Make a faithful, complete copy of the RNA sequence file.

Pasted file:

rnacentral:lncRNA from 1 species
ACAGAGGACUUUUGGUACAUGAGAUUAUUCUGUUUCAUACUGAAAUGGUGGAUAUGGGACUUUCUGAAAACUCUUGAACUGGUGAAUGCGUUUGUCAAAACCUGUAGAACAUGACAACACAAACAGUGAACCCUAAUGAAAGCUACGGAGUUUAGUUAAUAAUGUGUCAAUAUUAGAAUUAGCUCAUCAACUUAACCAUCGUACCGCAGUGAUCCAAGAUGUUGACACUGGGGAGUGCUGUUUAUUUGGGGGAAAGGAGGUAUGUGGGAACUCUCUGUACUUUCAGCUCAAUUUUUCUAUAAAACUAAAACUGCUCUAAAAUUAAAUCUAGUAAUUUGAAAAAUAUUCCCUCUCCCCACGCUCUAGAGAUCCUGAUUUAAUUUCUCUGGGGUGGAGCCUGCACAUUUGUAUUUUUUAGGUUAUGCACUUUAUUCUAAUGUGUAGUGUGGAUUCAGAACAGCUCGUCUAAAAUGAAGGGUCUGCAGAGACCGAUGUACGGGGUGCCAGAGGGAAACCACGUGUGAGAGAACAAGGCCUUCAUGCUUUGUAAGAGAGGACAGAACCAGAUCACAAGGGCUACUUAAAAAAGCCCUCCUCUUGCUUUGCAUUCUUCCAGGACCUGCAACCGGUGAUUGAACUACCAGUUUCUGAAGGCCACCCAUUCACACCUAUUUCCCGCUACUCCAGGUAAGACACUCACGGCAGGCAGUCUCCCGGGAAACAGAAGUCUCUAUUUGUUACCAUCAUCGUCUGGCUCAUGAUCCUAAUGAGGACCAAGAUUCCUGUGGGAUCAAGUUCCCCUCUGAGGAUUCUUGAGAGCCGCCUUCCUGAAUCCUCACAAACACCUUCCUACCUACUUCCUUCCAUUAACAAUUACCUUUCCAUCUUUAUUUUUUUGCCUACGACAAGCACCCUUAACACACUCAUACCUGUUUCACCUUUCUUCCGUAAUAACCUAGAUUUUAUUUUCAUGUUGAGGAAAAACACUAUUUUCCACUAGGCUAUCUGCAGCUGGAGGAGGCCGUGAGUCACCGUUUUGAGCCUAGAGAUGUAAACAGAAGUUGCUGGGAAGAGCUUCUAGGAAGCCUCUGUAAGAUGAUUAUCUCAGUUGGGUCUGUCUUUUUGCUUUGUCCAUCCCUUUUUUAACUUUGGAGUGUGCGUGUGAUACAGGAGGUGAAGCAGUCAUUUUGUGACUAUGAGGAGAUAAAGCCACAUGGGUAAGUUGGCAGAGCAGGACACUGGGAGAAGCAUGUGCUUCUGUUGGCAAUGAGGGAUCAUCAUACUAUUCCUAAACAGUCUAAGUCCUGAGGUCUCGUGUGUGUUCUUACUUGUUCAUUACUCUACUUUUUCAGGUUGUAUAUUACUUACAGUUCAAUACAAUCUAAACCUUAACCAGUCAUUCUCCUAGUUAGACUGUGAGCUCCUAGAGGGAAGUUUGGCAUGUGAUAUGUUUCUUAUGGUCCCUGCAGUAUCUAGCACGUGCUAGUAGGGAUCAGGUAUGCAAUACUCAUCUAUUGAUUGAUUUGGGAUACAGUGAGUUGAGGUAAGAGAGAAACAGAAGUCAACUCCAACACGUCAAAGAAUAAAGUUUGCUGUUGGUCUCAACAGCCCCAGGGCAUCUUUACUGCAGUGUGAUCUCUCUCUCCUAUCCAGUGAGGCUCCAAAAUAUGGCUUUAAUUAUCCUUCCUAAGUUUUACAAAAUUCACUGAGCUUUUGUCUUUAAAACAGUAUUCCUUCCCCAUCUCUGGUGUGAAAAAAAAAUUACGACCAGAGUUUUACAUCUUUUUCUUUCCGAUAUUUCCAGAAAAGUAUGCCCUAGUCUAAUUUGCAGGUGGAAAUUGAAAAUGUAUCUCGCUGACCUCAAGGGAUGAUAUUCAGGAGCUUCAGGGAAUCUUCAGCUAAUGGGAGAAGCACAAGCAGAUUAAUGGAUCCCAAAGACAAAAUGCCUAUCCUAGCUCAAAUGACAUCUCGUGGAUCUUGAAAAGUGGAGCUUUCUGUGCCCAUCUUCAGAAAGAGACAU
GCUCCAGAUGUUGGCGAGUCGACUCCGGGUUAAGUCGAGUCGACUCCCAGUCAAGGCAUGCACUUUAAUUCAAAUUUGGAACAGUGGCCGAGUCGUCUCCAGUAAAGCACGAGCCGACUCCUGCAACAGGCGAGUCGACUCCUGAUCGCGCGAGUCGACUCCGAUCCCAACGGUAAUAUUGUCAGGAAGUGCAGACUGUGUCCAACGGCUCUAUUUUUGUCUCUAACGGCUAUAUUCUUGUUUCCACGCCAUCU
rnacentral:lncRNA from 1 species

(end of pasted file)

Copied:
rnacentral:lncRNA from 1 species
ACAGAGGACUUUUGGUACAUGAGAUUAUUCUGUUUCAUACUGAAAUGGUGGAUAUGGGACUUUCUGAAAACUCUUGAACUGGUGAAUGCGUUUGUCAAAACCUGUAGAACAUGACAACACAAACAGUGAACCCUAAUGAAAGCUACGGAGUUUAGUUAAUAAUGUGUCAAUAUUAGAAUUAGCUCAUCAACUUAACCAUCGUACCGCAGUGAUCCAAGAUGUUGACACUGGGGAGUGCUGUUUAUUUGGGGGAAAGGAGGUAUGUGGGAACUCUCUGUACUUUCAGCUCAAUUUUUCUAUAAAACUAAAACUGCUCUAAAAUUAAAUCUAGUAAUUUGAAAAAUAUUCCCUCUCCCCACGCUCUAGAGAUCCUGAUUUAAUUUCUCUGGGGUGGAGCCUGCACAUUUGUAUUUUUUAGGUUAUGCACUUUAUUCUAAUGUGUAGUGUGGAUUCAGAACAGCUCGUCUAAAAUGAAGGGUCUGCAGAGACCGAUGUACGGGGUGCCAGAGGGAAACCACGUGUGAGAGAACAAGGCCUUCAUGCUUUGUAAGAGAGGACAGAACCAGAUCACAAGGGCUACUUAAAAAAGCCCUCCUCUUGCUUUGCAUUCUUCCAGGACCUGCAACCGGUGAUUGAACUACCAGUUUCUGAAGGCCACCCAUUCACACCUAUUUCCCGCUACUCCAGGUAAGACACUCACGGCAGGCAGUCUCCCGGGAAACAGAAGUCUCUAUUUGUUACCAUCAUCGUCUGGCUCAUGAUCCUAAUGAGGACCAAGAUUCCUGUGGGAUCAAGUUCCCCUCUGAGGAUUCUUGAGAGCCGCCUUCCUGAAUCCUCACAAACACCUUCCUACCUACUUCCUUCCAUUAACAAUUACCUUUCCAUCUUUAUUUUUUUGCCUACGACAAGCACCCUUAACACACUCAUACCUGUUUCACCUUUCUUCCGUAAUAACCUAGAUUUUAUUUUCAUGUUGAGGAAAAACACUAUUUUCCACUAGGCUAUCUGCAGCUGGAGGAGGCCGUGAGUCACCGUUUUGAGCCUAGAGAUGUAAACAGAAGUUGCUGGGAAGAGCUUCUAGGAAGCCUCUGUAAGAUGAUUAUCUCAGUUGGGUCUGUCUUUUUGCUUUGUCCAUCCCUUUUUUAACUUUGGAGUGUGCGUGUGAUACAGGAGGUGAAGCAGUCAUUUUGUGACUAUGAGGAGAUAAAGCCACAUGGGUAAGUUGGCAGAGCAGGACACUGGGAGAAGCAUGUGCUUCUGUUGGCAAUGAGGGAUCAUCAUACUAUUCCUAAACAGUCUAAGUCCUGAGGUCUCGUGUGUGUUCUUACUUGUUCAUUACUCUACUUUUUCAGGUUGUAUAUUACUUACAGUUCAAUACAAUCUAAACCUUAACCAGUCAUUCUCCUAGUUAGACUGUGAGCUCCUAGAGGGAAGUUUGGCAUGUGAUAUGUUUCUUAUGGUCCCUGCAGUAUCUAGCACGUGCUAGUAGGGAUCAGGUAUGCAAUACUCAUCUAUUGAUUGAUUUGGGAUACAGUGAGUUGAGGUAAGAGAGAAACAGAAGUCAACUCCAACACGUCAAAGAAUAAAGUUUGCUGUUGGUCUCAACAGCCCCAGGGCAUCUUUACUGCAGUGUGAUCUCUCUCUCCUAUCCAGUGAGGCUCCAAAAUAUGGCUUUAAUUAUCCUUCCUAAGUUUUACAAAAUUCACUGAGCUUUUGUCUUUAAAACAGUAUUCCUUCCCCAUCUCUGGUGUGAAAAAAAAAUUACGACCAGAGUUUUACAUCUUUUUCUUUCCGAUAUUUCCAGAAAAGUAUGCCCUAGUCUAAUUUGCAGGUGGAAAUUGAAAAUGUAUCUCGCUGACCUCAAGGGAUGAUAUUCAGGAGCUUCAGGGAAUCUUCAGCUAAUGGGAGAAGCACAAGCAGAUUAAUGGAUCCCAAAGACAAAAUGCCUAUCCUAGCUCAAAUGACAUCUCGUGGAUCUUGAAAAGUGGAGCUUUCUGUGCCCAUCUUCAGAAAGAGACAU
GCUCCAGAUGUUGGCGAGUCGACUCCGGGUUAAGUCGAGUCGACUCCCAGUCAAGGCAUGCACUUUAAUUCAAAUUUGGAACAGUGGCCGAGUCGUCUCCAGUAAAGCACGAGCCGACUCCUGCAACAGGCGAGUCGACUCCUGAUCGCGCGAGUCGACUCCGAUCCCAACGGUAAUAUUGUCAGGAAGUGCAGACUGUGUCCAACGGCUCUAUUUUUGUCUCUAACGGCUAUAUUCUUGUUUCCACGCCAUCU
rnacentral:lncRNA from 1 species